Colorado is helping make private sports teams and clubs safer for children. Senator Rollie Heath introduced Senate Bill 13-012 in January, which seeks to hold employees of private sports programs responsible for reporting child abuse or neglect:
The bill adds directors, coaches, assistant coaches, and athletic program personnel for private sports programs or organizations to the list of persons required to report suspected child abuse or neglect to the county or district department of social services or local law enforcement agency.
The bill will add legal ramifications for organizations that have historically had little (or done little) in the way of protection for kids. Oftentimes, coaches are reprimanded for their misconduct and then allowed to quietly resign, moving from school to school undetected. In one prominent California case, swim club coach Andy King moved around California abusing more than a dozen girls and impregnating one before he was finally reported to police. And the problems aren’t far from home, as in this case:
The most prominent name on the [USA Swimming secret] banned list is former national team director Everett Uchiyama, who quit in 2006 after being accused of having a decade-long relationship with a swimmer that began when she was 14. He never faced criminal charges and turned up less than a year later as the aquatics director at the Country Club of Colorado, only about five miles from USA Swimming’s headquarters in Colorado Springs.
The bill is on the Governor’s desk, waiting to be signed into law. But we also need to attack this problem on the front end. Not enough schools and clubs have clear and deliberate guidelines on how to deal with these kinds of situations when they arise or to prevent them in the first place. That begins with a thorough check of past employment.
When resignations are doled out behind closed doors, other clubs and organizations are at a disadvantage to protect themselves and their athletes. There is no national database for these kinds of predators and unless a coach was prosecuted, their criminal background check will come back clean. Some national governing bodies have made public their list of banned coaches, but they do not include those found guilty of misconduct. The priority of any club or team should be to interview former employers to find out why the coach left their former posts.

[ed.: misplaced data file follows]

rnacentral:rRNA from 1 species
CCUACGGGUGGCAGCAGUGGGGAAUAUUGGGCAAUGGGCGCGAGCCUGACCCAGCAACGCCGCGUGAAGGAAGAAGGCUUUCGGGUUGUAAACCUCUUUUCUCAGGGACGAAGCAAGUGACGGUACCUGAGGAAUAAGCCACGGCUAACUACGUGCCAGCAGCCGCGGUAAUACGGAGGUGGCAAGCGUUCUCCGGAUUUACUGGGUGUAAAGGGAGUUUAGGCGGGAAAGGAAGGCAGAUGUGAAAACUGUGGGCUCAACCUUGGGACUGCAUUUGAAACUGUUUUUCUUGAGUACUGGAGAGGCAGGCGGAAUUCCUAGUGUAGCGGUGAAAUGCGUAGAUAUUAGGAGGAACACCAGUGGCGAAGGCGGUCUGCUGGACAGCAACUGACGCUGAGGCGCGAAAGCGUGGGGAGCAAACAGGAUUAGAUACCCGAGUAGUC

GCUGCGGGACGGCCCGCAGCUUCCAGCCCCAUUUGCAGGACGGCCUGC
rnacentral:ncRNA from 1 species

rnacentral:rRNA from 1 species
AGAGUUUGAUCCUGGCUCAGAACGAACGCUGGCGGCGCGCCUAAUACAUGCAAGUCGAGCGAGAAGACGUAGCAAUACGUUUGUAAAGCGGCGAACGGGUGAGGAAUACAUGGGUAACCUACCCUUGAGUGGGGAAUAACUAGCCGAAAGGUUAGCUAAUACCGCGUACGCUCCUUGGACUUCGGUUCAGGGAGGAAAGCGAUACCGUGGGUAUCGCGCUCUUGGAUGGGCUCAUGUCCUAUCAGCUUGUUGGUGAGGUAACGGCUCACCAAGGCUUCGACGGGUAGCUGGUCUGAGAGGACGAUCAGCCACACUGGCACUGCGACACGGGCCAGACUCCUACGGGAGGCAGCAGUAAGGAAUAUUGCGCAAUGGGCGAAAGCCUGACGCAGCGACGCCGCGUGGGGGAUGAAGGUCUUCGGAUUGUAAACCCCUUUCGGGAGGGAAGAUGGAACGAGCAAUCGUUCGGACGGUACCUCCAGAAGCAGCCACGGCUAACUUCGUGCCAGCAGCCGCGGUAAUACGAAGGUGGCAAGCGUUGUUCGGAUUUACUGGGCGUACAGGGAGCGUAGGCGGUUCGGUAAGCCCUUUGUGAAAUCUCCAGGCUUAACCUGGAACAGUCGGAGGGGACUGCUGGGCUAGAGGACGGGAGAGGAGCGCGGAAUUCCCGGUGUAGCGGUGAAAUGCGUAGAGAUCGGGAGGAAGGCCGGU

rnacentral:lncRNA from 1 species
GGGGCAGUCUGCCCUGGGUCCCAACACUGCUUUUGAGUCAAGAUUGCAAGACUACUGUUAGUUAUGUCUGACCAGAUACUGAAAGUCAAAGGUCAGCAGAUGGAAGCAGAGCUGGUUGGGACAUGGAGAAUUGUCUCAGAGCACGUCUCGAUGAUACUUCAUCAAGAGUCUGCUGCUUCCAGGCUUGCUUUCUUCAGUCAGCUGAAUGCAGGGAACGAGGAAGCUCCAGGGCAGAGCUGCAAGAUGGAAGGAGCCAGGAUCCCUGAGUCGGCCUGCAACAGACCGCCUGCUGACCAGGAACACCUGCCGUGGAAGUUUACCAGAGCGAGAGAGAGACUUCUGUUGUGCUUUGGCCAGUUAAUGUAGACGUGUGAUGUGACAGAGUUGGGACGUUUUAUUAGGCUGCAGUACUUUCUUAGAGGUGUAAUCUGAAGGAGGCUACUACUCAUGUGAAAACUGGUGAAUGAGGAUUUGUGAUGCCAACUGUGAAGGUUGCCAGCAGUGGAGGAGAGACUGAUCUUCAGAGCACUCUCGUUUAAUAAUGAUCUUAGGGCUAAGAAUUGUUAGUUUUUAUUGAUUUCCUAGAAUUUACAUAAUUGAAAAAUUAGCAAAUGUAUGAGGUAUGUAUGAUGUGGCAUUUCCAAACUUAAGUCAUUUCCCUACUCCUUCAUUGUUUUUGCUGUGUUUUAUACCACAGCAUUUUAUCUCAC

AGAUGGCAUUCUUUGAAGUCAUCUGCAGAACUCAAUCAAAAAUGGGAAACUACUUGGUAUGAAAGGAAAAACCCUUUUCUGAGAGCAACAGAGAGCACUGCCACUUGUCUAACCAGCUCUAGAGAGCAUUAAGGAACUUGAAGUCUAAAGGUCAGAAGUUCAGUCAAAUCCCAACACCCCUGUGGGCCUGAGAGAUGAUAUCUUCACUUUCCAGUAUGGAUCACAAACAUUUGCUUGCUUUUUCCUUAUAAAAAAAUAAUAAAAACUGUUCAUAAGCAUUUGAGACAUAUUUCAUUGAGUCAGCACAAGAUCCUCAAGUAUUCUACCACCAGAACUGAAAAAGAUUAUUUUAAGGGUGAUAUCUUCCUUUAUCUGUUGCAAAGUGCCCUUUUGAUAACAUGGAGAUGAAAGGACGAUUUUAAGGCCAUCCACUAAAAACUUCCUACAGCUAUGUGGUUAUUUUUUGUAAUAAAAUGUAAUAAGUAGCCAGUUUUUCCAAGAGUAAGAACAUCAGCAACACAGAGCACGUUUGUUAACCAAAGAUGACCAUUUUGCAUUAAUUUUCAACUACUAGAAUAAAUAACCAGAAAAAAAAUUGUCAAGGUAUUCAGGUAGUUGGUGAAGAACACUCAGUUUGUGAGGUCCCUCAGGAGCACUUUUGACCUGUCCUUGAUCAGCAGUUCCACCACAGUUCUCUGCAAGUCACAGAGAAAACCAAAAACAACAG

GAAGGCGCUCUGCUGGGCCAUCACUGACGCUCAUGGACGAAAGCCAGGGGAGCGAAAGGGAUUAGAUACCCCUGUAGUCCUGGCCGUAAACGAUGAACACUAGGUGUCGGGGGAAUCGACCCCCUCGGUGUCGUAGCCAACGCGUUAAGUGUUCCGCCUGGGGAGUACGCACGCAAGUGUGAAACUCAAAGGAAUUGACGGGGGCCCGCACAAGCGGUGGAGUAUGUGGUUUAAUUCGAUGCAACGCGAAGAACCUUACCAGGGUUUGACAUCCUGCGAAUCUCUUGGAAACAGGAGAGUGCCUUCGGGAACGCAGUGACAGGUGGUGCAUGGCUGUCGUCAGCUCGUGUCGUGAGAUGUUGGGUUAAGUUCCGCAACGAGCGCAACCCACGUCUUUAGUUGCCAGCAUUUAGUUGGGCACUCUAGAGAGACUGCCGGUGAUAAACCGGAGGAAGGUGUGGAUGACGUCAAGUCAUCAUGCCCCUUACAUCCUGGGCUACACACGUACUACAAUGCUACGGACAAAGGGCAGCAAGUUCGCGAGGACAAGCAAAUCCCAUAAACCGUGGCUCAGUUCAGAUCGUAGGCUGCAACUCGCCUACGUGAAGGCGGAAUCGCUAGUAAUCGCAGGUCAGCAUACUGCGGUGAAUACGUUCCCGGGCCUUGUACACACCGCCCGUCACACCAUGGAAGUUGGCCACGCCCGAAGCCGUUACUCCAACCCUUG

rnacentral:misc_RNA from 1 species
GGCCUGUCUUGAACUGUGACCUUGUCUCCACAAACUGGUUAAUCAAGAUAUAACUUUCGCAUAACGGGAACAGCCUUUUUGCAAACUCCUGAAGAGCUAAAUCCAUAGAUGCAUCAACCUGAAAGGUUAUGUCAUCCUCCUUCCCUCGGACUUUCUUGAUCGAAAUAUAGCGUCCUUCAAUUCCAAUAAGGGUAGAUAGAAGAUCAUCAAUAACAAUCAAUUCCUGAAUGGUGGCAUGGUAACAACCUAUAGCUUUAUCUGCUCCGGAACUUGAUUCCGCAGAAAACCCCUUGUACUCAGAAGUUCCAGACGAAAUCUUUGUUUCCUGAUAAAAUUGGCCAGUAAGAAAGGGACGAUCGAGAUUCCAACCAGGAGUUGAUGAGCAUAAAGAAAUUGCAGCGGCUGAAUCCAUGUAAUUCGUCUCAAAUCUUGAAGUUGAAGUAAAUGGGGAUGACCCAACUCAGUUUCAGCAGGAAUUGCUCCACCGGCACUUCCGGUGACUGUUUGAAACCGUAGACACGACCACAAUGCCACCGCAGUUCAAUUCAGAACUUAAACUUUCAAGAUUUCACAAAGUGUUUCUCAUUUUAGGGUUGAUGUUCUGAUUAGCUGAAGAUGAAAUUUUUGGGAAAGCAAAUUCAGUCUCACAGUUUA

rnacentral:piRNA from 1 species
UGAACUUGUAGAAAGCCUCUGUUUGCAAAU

Then, the start of any season should begin with an education for both team and coach on what’s appropriate and what’s not. No closed-door practices. No alone time between a coach and an athlete. No rides home after a workout. No texting other than practice details or location changes. The list goes on. And when a coach crosses the line, children and teens—even elite athletes—need to already have a support system in place.
One of the many reasons athletes fail to report abuse is because the person they have to tell is usually intimately involved with the organization and has close ties to the coach. And a winning coach is a more powerful coach. Kids need to know that if they’re uncomfortable telling their parents, they have someone else they can trust who will take their allegations seriously with no concern for a program’s reputation. A liaison like this offers children a safe harbor while their claim is investigated. Abuse doesn’t always have the advantage of corroborating evidence, and the more time an athlete has to build their story before having it officially reported is incredibly important for their emotional health and their case against the coach.
This kind of athlete-first mentality was put into practice by Olympic swimmer Katherine Starr last year when she started Safe4Athletes, a program that advocates for athlete welfare and shifts power away from coaches. As an athlete who endured sexual abuse for the entirety of her 10-year career, Starr created this program to give athletes a confidential resource to have conversations about their issues. The program helps sports organizations create policies, procedures, and education for sexual harassment, bullying, and other inappropriate behaviors at no cost to schools or clubs. It’s a comprehensive program that has coaches sign a code of conduct agreement that if broken, will put their name on the site’s list of banned coaches.
Safe4Athletes also helps teams and clubs designate a third-party athlete welfare advocate (a pivotol difference between this program and others), a fact finder to help with investigation, and an ethics panel made up of representatives for the coach and athlete to review the findings. They also provide legal assistance for parents and counseling for athletes.
It’s an important step to take the power out of the hands of the schools and clubs, because when dealing with serious issues like this internally, history has proven that the best interests of the school and its coach can come first. SB 13-012 is a great step towards prosecuting those who stay silent. A program like Safe4Athletes or a school’s committment to designating an athlete advocate is how we’ll give children a voice.
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